While most people have heard of the placebo effect (when an inert "drug" like a sugar pill or a sham surgical procedure like inserting random acupuncture needles is followed by people feeling better) its opposite, the "nocebo" effect, is less appreciated.

A nocebo effect occurs when people feel ill or are convinced they have symptoms after being told that something is harmful. For the past few months, I have been collecting claims about adverse health effects made by opponents of wind farms. Today the total stands at 113 different diseases and symptoms in humans and animals.

Other than perhaps the aftermath of a nuclear blast on population health, there is nothing known to medicine that comes close to the morbid apocalypse that is being megaphoned by anti-wind groups.

It is not just illnesses and symptoms that occur but "deaths, yes, many deaths mainly from unusual cancers", which have strangely never come to the attention of any coroner.

Did you know that wind turbines can cause lung cancer, leukaemia, diabetes, herpes, "electromagnetic spasms in the skull", infertility and the ghastly sounding "loss of bowels"?

Any very common problem together affecting literally millions of people across Australia (sleep problems, high blood pressure, lack of concentration, forgetfulness, children doing poorly at school, nosebleeds and muscle twitches) can all be explained by wind turbine exposure.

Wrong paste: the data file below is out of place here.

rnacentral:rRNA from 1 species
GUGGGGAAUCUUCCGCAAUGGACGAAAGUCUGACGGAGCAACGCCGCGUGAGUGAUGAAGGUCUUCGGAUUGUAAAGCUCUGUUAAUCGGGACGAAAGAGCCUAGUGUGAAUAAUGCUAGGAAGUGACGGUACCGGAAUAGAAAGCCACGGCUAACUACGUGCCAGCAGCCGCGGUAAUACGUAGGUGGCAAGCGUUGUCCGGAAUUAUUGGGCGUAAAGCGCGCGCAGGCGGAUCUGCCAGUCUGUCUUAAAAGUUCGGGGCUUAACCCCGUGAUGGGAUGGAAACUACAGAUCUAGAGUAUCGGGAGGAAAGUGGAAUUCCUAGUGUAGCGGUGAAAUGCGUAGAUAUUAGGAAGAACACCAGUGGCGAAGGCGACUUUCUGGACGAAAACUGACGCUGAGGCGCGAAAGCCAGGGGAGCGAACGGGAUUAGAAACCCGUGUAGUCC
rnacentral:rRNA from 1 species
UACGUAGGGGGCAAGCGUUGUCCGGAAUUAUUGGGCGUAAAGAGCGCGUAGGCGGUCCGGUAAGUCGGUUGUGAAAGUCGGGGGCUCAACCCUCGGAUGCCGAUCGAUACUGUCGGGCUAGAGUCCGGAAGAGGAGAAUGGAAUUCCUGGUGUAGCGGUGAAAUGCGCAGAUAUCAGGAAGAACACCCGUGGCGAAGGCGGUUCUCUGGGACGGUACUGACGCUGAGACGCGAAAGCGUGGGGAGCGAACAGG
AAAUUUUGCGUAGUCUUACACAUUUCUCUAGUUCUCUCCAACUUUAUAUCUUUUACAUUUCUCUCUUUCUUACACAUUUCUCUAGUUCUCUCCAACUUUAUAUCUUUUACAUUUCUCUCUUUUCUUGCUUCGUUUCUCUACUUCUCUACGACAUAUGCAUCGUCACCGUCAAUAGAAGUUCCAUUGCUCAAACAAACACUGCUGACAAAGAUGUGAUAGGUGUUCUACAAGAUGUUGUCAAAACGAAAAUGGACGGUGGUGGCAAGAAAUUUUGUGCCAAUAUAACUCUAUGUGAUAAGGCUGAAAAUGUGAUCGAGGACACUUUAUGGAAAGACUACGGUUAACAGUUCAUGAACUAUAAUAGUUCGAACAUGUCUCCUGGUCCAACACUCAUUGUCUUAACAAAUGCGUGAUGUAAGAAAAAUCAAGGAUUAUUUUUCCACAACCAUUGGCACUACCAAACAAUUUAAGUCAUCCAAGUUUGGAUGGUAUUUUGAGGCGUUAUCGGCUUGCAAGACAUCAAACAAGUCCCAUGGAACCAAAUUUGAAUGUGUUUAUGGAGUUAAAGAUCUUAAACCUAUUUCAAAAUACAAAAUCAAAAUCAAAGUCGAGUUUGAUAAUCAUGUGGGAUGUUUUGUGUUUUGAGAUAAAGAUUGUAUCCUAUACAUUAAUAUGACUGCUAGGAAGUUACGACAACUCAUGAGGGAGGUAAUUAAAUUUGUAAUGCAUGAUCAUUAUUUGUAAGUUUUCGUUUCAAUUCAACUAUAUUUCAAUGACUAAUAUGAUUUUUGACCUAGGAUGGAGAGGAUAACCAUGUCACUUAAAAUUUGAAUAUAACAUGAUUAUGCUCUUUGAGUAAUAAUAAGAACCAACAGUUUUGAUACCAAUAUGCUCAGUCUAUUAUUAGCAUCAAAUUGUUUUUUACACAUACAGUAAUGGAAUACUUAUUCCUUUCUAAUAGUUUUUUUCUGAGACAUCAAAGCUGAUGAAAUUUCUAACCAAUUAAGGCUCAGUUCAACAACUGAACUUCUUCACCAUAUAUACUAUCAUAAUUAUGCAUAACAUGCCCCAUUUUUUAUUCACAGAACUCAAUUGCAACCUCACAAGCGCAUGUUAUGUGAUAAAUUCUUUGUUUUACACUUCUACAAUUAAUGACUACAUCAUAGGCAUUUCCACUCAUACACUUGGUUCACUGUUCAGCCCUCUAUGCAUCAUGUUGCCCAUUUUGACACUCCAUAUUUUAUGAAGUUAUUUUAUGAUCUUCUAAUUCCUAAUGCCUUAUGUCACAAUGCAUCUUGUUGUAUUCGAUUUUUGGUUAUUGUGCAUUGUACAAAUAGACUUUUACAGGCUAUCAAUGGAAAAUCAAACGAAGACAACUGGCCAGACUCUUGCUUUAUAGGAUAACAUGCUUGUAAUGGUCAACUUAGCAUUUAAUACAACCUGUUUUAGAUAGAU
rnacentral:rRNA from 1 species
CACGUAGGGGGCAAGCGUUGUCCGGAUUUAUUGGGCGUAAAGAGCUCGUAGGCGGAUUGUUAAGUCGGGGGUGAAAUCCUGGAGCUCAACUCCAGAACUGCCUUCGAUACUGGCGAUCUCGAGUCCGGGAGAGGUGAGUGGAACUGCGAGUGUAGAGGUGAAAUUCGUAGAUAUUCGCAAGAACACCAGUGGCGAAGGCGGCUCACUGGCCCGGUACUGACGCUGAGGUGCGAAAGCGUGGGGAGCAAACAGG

Nothing else is relevant if you live near one. But there are some benefits too. Those who are overweight can lose kilograms through exposure to wind turbines, but the excessively slim can gain weight as well!

Is this magic?
Wind turbines power mass hysteria (23.05.2012)

More research is underway, but turning to the peer-reviewed literature, a recent literature review has some interesting observations:



This study would seem to suggest that 'While it is acknowledged that noise from wind turbines can be annoying to some and associated with some reported health effects (e.g., sleep disturbance), especially when found at sound pressure levels greater than 40 db(A), given that annoyance appears to be more strongly related to visual cues and attitude than to noise itself, self reported health effects of people living near wind turbines are more likely attributed to physical manifestation from an annoyed state than from wind turbines themselves. In other words, it appears that it is the change in the environment that is associated with reported health effects and not a turbine-specific variable like audible noise or infrasound.'

In other words, if you don't like wind turbines you're more than likely to make yourself sick dislking them!

That would certainly seem to be the case, as anti-wind activists frantically distribute misinformation locally - much of it suggesting that noise or sunlight flicker (or the truly enormous wind turbines erroneously portrayed) will destroy the health of people living a considerable distance from the turbine site.

If you are disinclined to believe this sort of health scaremongering please support the planning application for wind turbines at Ascog Farm!